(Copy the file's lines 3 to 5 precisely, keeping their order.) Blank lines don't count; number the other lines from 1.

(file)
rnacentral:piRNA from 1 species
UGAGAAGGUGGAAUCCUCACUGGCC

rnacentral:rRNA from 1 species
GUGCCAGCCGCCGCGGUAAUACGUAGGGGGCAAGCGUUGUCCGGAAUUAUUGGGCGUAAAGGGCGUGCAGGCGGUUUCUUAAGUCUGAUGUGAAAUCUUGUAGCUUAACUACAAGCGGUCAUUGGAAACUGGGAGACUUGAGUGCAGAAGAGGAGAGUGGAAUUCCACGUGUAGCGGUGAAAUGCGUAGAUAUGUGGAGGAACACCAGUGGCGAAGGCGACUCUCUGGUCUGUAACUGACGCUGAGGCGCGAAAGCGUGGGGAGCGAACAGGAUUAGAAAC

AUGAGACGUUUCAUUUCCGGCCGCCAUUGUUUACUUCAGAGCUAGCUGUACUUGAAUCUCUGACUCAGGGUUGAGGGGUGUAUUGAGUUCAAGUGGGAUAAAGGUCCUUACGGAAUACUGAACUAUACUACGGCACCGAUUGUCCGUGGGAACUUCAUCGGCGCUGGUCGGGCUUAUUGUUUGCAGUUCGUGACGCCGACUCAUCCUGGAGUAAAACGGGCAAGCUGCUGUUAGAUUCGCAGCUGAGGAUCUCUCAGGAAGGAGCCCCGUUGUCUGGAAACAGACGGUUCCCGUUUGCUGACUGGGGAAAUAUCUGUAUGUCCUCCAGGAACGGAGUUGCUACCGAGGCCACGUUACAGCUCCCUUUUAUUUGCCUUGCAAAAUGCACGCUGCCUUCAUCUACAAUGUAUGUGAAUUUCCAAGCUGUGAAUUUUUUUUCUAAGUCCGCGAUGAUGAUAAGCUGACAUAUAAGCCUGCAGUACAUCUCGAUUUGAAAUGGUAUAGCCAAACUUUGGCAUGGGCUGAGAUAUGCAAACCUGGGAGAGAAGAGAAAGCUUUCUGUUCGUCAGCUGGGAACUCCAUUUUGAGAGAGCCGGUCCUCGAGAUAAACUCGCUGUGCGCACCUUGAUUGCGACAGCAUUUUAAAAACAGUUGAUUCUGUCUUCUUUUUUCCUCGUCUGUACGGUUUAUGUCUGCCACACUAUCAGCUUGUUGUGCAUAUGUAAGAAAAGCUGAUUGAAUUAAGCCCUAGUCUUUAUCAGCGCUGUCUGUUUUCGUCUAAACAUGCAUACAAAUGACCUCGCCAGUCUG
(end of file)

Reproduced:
rnacentral:rRNA from 1 species
GUGCCAGCCGCCGCGGUAAUACGUAGGGGGCAAGCGUUGUCCGGAAUUAUUGGGCGUAAAGGGCGUGCAGGCGGUUUCUUAAGUCUGAUGUGAAAUCUUGUAGCUUAACUACAAGCGGUCAUUGGAAACUGGGAGACUUGAGUGCAGAAGAGGAGAGUGGAAUUCCACGUGUAGCGGUGAAAUGCGUAGAUAUGUGGAGGAACACCAGUGGCGAAGGCGACUCUCUGGUCUGUAACUGACGCUGAGGCGCGAAAGCGUGGGGAGCGAACAGGAUUAGAAAC

AUGAGACGUUUCAUUUCCGGCCGCCAUUGUUUACUUCAGAGCUAGCUGUACUUGAAUCUCUGACUCAGGGUUGAGGGGUGUAUUGAGUUCAAGUGGGAUAAAGGUCCUUACGGAAUACUGAACUAUACUACGGCACCGAUUGUCCGUGGGAACUUCAUCGGCGCUGGUCGGGCUUAUUGUUUGCAGUUCGUGACGCCGACUCAUCCUGGAGUAAAACGGGCAAGCUGCUGUUAGAUUCGCAGCUGAGGAUCUCUCAGGAAGGAGCCCCGUUGUCUGGAAACAGACGGUUCCCGUUUGCUGACUGGGGAAAUAUCUGUAUGUCCUCCAGGAACGGAGUUGCUACCGAGGCCACGUUACAGCUCCCUUUUAUUUGCCUUGCAAAAUGCACGCUGCCUUCAUCUACAAUGUAUGUGAAUUUCCAAGCUGUGAAUUUUUUUUCUAAGUCCGCGAUGAUGAUAAGCUGACAUAUAAGCCUGCAGUACAUCUCGAUUUGAAAUGGUAUAGCCAAACUUUGGCAUGGGCUGAGAUAUGCAAACCUGGGAGAGAAGAGAAAGCUUUCUGUUCGUCAGCUGGGAACUCCAUUUUGAGAGAGCCGGUCCUCGAGAUAAACUCGCUGUGCGCACCUUGAUUGCGACAGCAUUUUAAAAACAGUUGAUUCUGUCUUCUUUUUUCCUCGUCUGUACGGUUUAUGUCUGCCACACUAUCAGCUUGUUGUGCAUAUGUAAGAAAAGCUGAUUGAAUUAAGCCCUAGUCUUUAUCAGCGCUGUCUGUUUUCGUCUAAACAUGCAUACAAAUGACCUCGCCAGUCUG